If you target nothing, nothing is what you will get!
Many organisations recognise that in this fast paced, rapidly changing commercial environment – developing employees is more important than ever.
Some are spending a big chunk of the operating budget on training. Sadly, in my observation, the most common method of determining what training to choose is the scatter-gun approach. This approach has no consideration of the cost:benefit ratio.
I hear senior managers say things like ‘I think all learning is beneficial to employee satisfaction’ ‘I let my staff decide what they need for training, as they will know best’.
Many of the skills needed today have a very short shelf life. This, combined with shortages in specific skills out in the market, means it is now more important than ever to be able to anticipate and develop tomorrows skills internally.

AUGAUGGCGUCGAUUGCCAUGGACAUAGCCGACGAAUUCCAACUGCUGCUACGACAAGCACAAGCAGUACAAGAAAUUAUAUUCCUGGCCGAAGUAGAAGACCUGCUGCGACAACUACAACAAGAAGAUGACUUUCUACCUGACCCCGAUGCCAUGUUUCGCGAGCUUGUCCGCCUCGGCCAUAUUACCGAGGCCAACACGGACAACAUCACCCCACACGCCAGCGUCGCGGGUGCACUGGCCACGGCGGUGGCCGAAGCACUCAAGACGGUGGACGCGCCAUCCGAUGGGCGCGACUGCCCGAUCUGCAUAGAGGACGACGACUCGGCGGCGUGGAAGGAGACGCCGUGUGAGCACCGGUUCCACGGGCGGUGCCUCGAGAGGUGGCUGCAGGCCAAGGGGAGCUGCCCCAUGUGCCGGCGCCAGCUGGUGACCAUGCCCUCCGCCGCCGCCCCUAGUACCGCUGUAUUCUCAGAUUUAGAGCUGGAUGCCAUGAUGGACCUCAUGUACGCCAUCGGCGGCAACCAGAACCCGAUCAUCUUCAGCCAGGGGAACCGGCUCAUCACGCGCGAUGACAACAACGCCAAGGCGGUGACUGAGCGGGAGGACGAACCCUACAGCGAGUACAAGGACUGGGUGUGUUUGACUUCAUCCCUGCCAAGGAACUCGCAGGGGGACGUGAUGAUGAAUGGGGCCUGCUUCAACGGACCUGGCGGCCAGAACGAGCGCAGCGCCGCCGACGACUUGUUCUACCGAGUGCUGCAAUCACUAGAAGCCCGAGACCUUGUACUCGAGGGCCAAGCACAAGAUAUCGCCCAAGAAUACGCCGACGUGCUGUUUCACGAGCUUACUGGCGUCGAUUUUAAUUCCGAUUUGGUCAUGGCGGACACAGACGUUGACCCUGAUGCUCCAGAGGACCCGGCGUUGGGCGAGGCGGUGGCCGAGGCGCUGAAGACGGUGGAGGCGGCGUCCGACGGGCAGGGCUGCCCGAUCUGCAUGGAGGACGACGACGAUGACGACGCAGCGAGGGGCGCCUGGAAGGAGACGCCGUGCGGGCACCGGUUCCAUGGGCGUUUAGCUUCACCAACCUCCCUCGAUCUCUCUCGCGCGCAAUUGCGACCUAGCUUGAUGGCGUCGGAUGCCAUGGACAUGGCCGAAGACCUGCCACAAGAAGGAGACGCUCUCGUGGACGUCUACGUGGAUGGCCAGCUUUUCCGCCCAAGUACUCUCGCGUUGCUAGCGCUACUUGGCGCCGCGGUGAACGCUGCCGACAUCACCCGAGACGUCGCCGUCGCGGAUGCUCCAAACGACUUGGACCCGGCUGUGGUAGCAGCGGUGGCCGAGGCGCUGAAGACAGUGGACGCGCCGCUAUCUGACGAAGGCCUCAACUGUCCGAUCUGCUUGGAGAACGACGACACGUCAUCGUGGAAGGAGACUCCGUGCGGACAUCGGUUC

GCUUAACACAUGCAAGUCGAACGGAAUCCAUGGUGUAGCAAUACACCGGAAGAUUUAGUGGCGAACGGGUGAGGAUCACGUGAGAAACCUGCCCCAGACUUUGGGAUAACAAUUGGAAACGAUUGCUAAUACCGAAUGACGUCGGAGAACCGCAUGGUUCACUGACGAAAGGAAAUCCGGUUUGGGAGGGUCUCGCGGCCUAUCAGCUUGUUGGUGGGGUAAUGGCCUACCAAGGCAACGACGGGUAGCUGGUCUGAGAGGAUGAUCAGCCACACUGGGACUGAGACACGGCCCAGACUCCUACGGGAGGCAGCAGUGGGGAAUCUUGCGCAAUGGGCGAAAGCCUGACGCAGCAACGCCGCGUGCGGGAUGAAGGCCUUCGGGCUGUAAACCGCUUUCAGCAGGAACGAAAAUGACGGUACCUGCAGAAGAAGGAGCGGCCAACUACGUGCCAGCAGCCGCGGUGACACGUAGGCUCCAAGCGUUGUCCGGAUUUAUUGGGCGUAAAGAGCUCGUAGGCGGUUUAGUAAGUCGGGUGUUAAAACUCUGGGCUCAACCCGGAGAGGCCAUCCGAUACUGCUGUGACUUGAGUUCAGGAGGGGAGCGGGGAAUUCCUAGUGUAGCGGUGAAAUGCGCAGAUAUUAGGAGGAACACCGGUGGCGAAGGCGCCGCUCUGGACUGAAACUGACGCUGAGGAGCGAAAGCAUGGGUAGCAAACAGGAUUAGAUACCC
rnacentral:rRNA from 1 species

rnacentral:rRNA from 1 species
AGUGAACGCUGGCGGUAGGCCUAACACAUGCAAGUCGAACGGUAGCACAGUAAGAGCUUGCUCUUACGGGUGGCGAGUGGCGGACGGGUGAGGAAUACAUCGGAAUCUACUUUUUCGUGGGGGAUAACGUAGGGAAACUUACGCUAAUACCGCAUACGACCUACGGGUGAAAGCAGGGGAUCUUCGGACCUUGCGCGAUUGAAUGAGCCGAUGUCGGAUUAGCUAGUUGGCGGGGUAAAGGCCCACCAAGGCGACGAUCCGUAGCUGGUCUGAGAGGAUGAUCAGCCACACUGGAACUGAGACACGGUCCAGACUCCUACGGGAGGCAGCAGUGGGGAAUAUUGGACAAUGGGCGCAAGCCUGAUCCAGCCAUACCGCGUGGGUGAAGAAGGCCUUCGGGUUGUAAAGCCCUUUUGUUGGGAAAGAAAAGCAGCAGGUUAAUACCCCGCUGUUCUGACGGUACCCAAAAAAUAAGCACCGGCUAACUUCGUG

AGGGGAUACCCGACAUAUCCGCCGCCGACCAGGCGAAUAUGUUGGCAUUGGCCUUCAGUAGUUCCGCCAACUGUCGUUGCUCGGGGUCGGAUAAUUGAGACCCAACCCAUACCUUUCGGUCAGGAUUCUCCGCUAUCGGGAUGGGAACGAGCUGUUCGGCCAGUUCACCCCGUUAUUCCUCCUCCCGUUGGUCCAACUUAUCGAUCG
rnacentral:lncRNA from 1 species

Every organisation should carry out a training needs analysis, which (like everything I recommend) doesn’t need to be a volume the size of War and Peace.
What it must have is:
- Current Skills
- Skills needed now
- Skills likely to be needed in two years
- Skills likely to be needed in five years
- Who internally can acquire those skills? or Can we acquire those externally?
Your staff will have good information to feed into this. So will you. So will other sources.
It seems obvious that understanding these key points should drive how you allocate your training budget.
Often the obvious is not what happens.
How is your L&D budget allocated?
Yours as ever,
The Barefoot Recruiter (and L&Der)
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